Biogen’s Alzheimer’s Drug Deals With CVS and Cigna: What Investors Should Know

Biogen (NASDAQ:BIIB) has been quite busy lately. The biotech won U.S. Food and Drug Administration (FDA) approval for its Alzheimer’s disease drug Aduhelm. Soon afterward, Biogen announced two deals related to the drug with CVS Health (NYSE:CVS) and Cigna (NYSE:CI). In this Motley Fool Live video recorded on June 9, Motley Fool contributors Keith Speights and Brian Orelli discuss how these deals could impact the companies.

Keith Speights: Biogen also announced a couple of deals. One was with CVS Health, ticker there is CVS. Another with Cigna, ticker there is CI.

Biogen announced these deals really soon after the FDA approved Aduhelm and treating Alzheimer’s disease. What should investors know about these partnerships, do they make CVS and Cigna or maybe even Biogen itself more attractive candidates to buy?

Brian Orelli: The CVS partnership brings brain health screenings into CVS’s project health program. That focuses on minority and under-served communities. I imagine that Biogen is paying CVS to run the screenings.

It’s probably not enough, but it’s going to move the needle at CVS so it’s probably not that big of a benefit to CVS. It might help diagnose more Alzheimer’s disease patients, and that could help Biogen. But only if doctors are actually prescribing, and insurers are actually covering Aduhelm.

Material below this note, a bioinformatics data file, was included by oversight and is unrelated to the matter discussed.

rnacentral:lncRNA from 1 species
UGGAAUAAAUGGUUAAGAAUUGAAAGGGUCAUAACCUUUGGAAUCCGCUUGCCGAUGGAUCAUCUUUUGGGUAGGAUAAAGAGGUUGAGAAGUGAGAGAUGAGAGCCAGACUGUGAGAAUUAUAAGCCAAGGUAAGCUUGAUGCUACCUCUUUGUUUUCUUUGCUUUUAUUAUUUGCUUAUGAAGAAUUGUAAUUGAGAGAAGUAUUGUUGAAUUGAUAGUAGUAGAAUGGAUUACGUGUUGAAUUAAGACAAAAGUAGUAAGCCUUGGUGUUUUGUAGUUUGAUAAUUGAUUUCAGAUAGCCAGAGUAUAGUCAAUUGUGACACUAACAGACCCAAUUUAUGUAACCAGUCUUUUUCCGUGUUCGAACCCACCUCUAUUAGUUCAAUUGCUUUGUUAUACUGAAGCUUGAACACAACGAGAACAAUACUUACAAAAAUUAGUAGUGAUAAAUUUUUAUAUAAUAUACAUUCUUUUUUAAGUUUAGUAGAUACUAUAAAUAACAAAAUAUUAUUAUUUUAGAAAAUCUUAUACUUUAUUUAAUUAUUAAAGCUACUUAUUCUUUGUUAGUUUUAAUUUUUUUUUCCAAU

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The deal with Cigna has Biogen working with Cigna on a value-based agreement for Aduhelm. I like this deal more.

Value-based agreements are deals where the drug company and the insurer agree that if the drug doesn’t help the patients then the insurance gets a kickback, knocked off part of the price of the drug. I think this is going to be maybe hard to implement because what do you use as you’re determining whether the drug actually helped the patients, are they going to measure cognition over time? I don’t know. I think it’s going to be difficult for them to set up.

Speights: You could even have a placebo effect.

Orelli: Exactly.

Speights: Patients expect that the drug is going to help them and even if it doesn’t their cognitive decline is slowed because they’re expecting it to happen. The details for that kind of arrangement are going to be very hard to work out and implement effectively.

Orelli: I think even the executives might have mentioned that on the call.

This article represents the opinion of the writer, who may disagree with the “official” recommendation position of a Motley Fool premium advisory service. We’re motley! Questioning an investing thesis — even one of our own — helps us all think critically about investing and make decisions that help us become smarter, happier, and richer.

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